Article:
Steeper learning curve: Because 50/50 shortfills require mixing, they require a little more knowledge to use than regular e-liquids. If you’re new to vaping, you may wish to start with 10ml vape juice.

Low nicotine strength: Because the maximum nicotine strength you can add to a shortfill is 20mg, the overall nicotine strength you get will always be lower than that in a premixed bottle. What’s more, the space in the shortfill usually limits you to adding 1 nic shot to a 50ml bottle, or 2 nic shots to a 100ml bottle.

The table below shows the strength you would get if you mixed 2 nic shots with 100ml of zero-nicotine e-liquid, or 1 nic shot with 50ml of zero-nicotine e-liquid:

Again, an exception is Seriously Pod Fill Max, which comes with space to add 2 nicotine shots to 40ml of e-liquid. This allows you to get up to 6mg/ml (0.6% nicotine), or 6.7mg/gml (0.67% nicotine) if using 20mg nic shots.

If you prefer low-nicotine e-liquid, that’s not a problem, but if you are still getting nicotine cravings, you may be best off sticking with 10ml e-liquids for now.
It’s also worth remembering that most vapers self-titrate - i.e. when they switch to a lower-strength nicotine, they vape more. In fact, one study found that switching to a lower-strength e-liquid leads to vapers using twice as much e-liquid. (Dawkins et al, 2016.)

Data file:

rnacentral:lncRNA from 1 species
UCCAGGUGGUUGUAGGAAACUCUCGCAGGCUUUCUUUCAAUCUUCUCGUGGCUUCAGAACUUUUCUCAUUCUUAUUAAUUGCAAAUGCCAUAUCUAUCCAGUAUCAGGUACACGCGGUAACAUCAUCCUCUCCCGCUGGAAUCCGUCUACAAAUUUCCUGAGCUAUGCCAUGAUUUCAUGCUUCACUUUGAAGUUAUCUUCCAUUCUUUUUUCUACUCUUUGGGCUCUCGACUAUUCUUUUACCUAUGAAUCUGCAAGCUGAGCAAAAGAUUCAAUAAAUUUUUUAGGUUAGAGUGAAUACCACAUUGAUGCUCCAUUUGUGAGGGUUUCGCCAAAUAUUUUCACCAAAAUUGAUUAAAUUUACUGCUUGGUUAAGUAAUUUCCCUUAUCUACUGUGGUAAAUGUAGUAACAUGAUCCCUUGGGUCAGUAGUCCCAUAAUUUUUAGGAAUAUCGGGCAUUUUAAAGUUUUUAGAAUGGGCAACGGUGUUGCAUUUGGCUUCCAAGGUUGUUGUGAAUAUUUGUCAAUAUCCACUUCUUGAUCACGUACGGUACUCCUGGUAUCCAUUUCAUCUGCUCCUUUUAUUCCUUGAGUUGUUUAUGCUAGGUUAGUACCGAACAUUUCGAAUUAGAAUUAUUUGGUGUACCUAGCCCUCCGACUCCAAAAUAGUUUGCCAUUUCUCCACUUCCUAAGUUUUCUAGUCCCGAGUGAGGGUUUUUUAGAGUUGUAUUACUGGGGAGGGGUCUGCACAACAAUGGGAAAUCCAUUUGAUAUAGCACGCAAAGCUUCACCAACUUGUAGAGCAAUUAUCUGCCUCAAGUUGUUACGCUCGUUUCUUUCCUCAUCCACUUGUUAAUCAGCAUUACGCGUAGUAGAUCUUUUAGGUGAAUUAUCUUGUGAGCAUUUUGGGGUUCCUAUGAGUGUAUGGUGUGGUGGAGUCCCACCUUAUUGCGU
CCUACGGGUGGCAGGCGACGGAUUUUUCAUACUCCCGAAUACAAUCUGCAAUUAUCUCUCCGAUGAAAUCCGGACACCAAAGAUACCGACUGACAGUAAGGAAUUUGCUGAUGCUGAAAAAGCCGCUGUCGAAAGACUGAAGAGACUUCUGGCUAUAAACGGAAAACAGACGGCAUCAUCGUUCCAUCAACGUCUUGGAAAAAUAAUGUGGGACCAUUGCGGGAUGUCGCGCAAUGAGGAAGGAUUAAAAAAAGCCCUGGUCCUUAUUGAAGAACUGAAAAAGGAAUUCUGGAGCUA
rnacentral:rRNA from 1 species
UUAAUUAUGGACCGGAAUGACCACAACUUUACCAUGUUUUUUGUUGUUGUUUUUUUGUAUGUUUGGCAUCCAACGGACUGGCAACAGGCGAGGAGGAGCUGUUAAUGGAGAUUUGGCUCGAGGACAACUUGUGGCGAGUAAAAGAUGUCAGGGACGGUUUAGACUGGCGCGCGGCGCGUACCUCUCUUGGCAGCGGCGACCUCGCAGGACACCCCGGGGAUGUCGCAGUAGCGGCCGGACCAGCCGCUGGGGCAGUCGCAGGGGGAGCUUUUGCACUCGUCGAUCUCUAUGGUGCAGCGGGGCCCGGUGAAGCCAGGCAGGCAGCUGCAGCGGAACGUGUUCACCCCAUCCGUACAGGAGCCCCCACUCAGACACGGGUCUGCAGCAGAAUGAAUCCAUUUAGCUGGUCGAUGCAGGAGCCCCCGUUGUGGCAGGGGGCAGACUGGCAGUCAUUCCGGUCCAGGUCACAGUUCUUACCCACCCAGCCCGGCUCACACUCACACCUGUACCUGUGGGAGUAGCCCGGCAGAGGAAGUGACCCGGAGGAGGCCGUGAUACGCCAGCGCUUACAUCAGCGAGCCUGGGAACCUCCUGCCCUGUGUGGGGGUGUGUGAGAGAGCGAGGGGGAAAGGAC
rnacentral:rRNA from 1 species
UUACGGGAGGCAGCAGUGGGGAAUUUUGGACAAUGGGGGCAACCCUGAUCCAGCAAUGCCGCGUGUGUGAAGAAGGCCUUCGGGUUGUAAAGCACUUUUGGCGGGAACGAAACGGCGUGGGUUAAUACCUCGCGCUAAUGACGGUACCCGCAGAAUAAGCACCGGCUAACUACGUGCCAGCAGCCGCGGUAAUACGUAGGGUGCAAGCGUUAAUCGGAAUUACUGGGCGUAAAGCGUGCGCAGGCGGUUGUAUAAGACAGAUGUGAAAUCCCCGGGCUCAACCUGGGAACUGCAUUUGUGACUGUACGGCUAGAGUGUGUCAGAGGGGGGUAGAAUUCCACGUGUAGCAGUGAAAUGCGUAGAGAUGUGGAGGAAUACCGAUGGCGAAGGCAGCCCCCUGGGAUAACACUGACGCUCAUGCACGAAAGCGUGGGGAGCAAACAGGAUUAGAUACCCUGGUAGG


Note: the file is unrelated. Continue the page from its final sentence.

I personally tend to vape the highest nicotine strength I can - and I find I vape about a third as much as colleagues who use a much lower strength e-liquid.

How do 50/50 shortfills compare to 70/30 shortfills?

Wrapping up
Just a year ago, industry analysts were predicting a rise in the use of disposable vapes. Even before the recent announcement of a disposable ban, disposable sales had dropped significantly - a move matched by an increase in e-liquid sales.

Will 50/50 shortfills take off? It’s hard to know yet, but they do offer a cost-effective alternative to pre-mixed bottles - and the cost savings could become even more important when prices increase in 2026.